Poodle skirts and jukeboxes are on the way back to the Gulf Coast with 5 & Diner, a Worcester, Mass.-based restaurant chain.
The 1950s and '60s themed diners, with one Florida location, in Orlando, will target the St.Petersburg-Clearwater-Tampa area for expansion. Owner and CEO Bob Watson says a Florida expansion is the right move because of the obvious demographic pull: The chain, with menu items that include Mrs. Cleaver's Pot Roast, the Big Bopper Burger and Cadillac Meatloaf, is a gas for people over 50.
“It gives people the feeling of walking back in time,” Watson tells Coffee Talk. “Florida has a lot of people who can remember the '50s and '60s, and do so with a good deal of pleasure.”
The first 5 & Diner opened in Phoenix in 1999. Watson and his wife, Laurie Watson, bought a 5 & Diner franchise in 2006 in Worcester. The Watsons, who also operate an employee cafeteria food service business with clients in nine states, acquired the entire 12-store 5 & Diner company in 2008. “When we bought it,” says Watson, “we had the idea of expanding right away.”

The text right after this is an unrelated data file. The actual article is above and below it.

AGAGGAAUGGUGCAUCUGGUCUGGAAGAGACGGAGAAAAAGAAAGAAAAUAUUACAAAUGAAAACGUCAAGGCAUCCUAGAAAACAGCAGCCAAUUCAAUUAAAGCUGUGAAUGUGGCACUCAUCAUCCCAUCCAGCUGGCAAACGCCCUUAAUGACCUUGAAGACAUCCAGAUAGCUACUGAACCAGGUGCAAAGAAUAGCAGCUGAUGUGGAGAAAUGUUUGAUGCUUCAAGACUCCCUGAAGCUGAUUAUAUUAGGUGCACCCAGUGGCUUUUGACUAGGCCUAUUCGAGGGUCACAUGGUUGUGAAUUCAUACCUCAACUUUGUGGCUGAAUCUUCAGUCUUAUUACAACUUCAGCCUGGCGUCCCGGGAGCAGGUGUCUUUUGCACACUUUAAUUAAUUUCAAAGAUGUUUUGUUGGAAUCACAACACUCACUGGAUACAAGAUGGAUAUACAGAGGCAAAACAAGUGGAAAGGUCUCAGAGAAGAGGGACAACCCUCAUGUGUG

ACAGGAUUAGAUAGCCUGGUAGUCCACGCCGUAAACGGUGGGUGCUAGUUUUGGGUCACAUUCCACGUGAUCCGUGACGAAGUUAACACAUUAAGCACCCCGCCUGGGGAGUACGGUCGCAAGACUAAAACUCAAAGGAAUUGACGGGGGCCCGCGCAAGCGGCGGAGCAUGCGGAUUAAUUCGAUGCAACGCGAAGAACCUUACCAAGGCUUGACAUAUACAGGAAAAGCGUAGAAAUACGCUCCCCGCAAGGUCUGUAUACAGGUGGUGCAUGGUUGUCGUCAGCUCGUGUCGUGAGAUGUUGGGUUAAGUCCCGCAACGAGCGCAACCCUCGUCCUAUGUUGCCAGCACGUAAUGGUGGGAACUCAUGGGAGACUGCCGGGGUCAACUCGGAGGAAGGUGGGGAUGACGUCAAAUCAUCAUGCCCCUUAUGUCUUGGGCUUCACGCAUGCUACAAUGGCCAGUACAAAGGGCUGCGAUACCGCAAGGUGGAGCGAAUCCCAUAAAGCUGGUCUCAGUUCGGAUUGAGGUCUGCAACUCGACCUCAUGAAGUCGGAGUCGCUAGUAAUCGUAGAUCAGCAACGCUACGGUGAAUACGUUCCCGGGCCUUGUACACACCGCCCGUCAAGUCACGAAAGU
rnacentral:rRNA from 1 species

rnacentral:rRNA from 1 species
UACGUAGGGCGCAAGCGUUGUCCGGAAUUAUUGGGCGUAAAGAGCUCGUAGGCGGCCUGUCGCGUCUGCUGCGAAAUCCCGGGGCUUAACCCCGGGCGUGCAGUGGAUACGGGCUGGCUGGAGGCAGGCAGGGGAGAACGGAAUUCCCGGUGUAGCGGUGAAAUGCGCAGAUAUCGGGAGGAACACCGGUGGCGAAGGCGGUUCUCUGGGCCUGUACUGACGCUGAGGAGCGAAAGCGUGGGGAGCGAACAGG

But the recession, which crumpled franchise-based financing, delayed those plans. Watson thinks the time is now right to grow, and he hopes to have five Florida stores open by the end of the year. He has met with potential franchisees and scouted locations. He's also looked at sites in the Delray Beach-Palm Beach area, in addition to the Gulf Coast.
The average annual sales volume of a 5 & Diner is $1.1 million, the company says. Development costs for a potential franchisee range from $450,000 to $750,000. While most current locations stand alone, Watson says in Florida he'd like to open some franchise-based units in strip malls or Publix-anchored centers, to cut down on construction costs. Five Guys Burgers and Fries, which recently expanded on the Gulf Coast, uses a similar franchise model.
“We want (a franchisee) with a passion for a diner,” Watson says. “It's not a Capital Grille. It's a diner.”